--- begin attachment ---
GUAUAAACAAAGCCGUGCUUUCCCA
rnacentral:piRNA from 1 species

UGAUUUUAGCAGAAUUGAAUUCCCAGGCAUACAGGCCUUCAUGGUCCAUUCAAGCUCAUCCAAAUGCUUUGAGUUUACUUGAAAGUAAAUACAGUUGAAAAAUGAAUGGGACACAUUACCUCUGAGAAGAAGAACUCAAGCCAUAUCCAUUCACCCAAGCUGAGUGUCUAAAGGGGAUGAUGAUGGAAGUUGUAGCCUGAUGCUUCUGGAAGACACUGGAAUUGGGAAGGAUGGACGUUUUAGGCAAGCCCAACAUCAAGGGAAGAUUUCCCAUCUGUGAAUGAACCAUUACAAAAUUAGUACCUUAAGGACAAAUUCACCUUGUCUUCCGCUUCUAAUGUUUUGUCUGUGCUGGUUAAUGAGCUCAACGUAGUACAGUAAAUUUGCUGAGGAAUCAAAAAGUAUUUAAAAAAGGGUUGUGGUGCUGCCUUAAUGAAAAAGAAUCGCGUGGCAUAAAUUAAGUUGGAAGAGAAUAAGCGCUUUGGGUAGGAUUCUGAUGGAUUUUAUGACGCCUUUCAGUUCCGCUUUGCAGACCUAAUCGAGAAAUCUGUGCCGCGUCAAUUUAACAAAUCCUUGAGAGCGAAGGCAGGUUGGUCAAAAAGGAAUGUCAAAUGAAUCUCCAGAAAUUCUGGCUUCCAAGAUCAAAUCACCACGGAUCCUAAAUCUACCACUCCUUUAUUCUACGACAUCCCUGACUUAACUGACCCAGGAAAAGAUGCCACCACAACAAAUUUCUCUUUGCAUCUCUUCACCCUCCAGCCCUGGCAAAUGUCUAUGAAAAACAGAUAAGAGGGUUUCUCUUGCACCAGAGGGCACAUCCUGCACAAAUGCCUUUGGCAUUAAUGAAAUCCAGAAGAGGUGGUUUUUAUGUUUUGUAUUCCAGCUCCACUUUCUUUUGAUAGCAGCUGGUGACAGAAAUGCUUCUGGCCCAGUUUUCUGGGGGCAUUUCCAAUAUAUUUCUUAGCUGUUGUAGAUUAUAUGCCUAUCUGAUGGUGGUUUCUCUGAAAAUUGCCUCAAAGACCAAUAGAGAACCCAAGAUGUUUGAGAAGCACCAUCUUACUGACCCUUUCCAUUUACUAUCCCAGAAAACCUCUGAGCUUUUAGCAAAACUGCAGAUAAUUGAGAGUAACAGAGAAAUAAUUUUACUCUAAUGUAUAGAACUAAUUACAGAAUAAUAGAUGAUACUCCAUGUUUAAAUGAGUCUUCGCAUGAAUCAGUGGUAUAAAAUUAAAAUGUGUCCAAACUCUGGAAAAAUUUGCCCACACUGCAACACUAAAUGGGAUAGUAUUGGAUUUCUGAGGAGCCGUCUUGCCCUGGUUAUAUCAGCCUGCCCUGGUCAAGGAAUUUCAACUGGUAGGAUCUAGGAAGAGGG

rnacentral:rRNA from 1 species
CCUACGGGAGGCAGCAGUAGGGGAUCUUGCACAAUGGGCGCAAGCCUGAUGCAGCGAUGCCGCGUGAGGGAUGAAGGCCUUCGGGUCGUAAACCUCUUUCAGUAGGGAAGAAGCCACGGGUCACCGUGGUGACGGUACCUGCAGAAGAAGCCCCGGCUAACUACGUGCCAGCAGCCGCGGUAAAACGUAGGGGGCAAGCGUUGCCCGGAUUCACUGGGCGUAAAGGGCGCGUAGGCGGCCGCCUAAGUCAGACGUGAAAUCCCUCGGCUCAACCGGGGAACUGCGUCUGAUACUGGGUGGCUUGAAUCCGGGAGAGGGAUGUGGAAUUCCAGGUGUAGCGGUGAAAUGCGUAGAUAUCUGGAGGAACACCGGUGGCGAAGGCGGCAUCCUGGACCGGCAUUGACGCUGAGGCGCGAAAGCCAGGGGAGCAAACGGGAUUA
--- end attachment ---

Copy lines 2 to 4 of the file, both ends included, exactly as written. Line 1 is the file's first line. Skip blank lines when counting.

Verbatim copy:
rnacentral:piRNA from 1 species

UGAUUUUAGCAGAAUUGAAUUCCCAGGCAUACAGGCCUUCAUGGUCCAUUCAAGCUCAUCCAAAUGCUUUGAGUUUACUUGAAAGUAAAUACAGUUGAAAAAUGAAUGGGACACAUUACCUCUGAGAAGAAGAACUCAAGCCAUAUCCAUUCACCCAAGCUGAGUGUCUAAAGGGGAUGAUGAUGGAAGUUGUAGCCUGAUGCUUCUGGAAGACACUGGAAUUGGGAAGGAUGGACGUUUUAGGCAAGCCCAACAUCAAGGGAAGAUUUCCCAUCUGUGAAUGAACCAUUACAAAAUUAGUACCUUAAGGACAAAUUCACCUUGUCUUCCGCUUCUAAUGUUUUGUCUGUGCUGGUUAAUGAGCUCAACGUAGUACAGUAAAUUUGCUGAGGAAUCAAAAAGUAUUUAAAAAAGGGUUGUGGUGCUGCCUUAAUGAAAAAGAAUCGCGUGGCAUAAAUUAAGUUGGAAGAGAAUAAGCGCUUUGGGUAGGAUUCUGAUGGAUUUUAUGACGCCUUUCAGUUCCGCUUUGCAGACCUAAUCGAGAAAUCUGUGCCGCGUCAAUUUAACAAAUCCUUGAGAGCGAAGGCAGGUUGGUCAAAAAGGAAUGUCAAAUGAAUCUCCAGAAAUUCUGGCUUCCAAGAUCAAAUCACCACGGAUCCUAAAUCUACCACUCCUUUAUUCUACGACAUCCCUGACUUAACUGACCCAGGAAAAGAUGCCACCACAACAAAUUUCUCUUUGCAUCUCUUCACCCUCCAGCCCUGGCAAAUGUCUAUGAAAAACAGAUAAGAGGGUUUCUCUUGCACCAGAGGGCACAUCCUGCACAAAUGCCUUUGGCAUUAAUGAAAUCCAGAAGAGGUGGUUUUUAUGUUUUGUAUUCCAGCUCCACUUUCUUUUGAUAGCAGCUGGUGACAGAAAUGCUUCUGGCCCAGUUUUCUGGGGGCAUUUCCAAUAUAUUUCUUAGCUGUUGUAGAUUAUAUGCCUAUCUGAUGGUGGUUUCUCUGAAAAUUGCCUCAAAGACCAAUAGAGAACCCAAGAUGUUUGAGAAGCACCAUCUUACUGACCCUUUCCAUUUACUAUCCCAGAAAACCUCUGAGCUUUUAGCAAAACUGCAGAUAAUUGAGAGUAACAGAGAAAUAAUUUUACUCUAAUGUAUAGAACUAAUUACAGAAUAAUAGAUGAUACUCCAUGUUUAAAUGAGUCUUCGCAUGAAUCAGUGGUAUAAAAUUAAAAUGUGUCCAAACUCUGGAAAAAUUUGCCCACACUGCAACACUAAAUGGGAUAGUAUUGGAUUUCUGAGGAGCCGUCUUGCCCUGGUUAUAUCAGCCUGCCCUGGUCAAGGAAUUUCAACUGGUAGGAUCUAGGAAGAGGG

rnacentral:rRNA from 1 species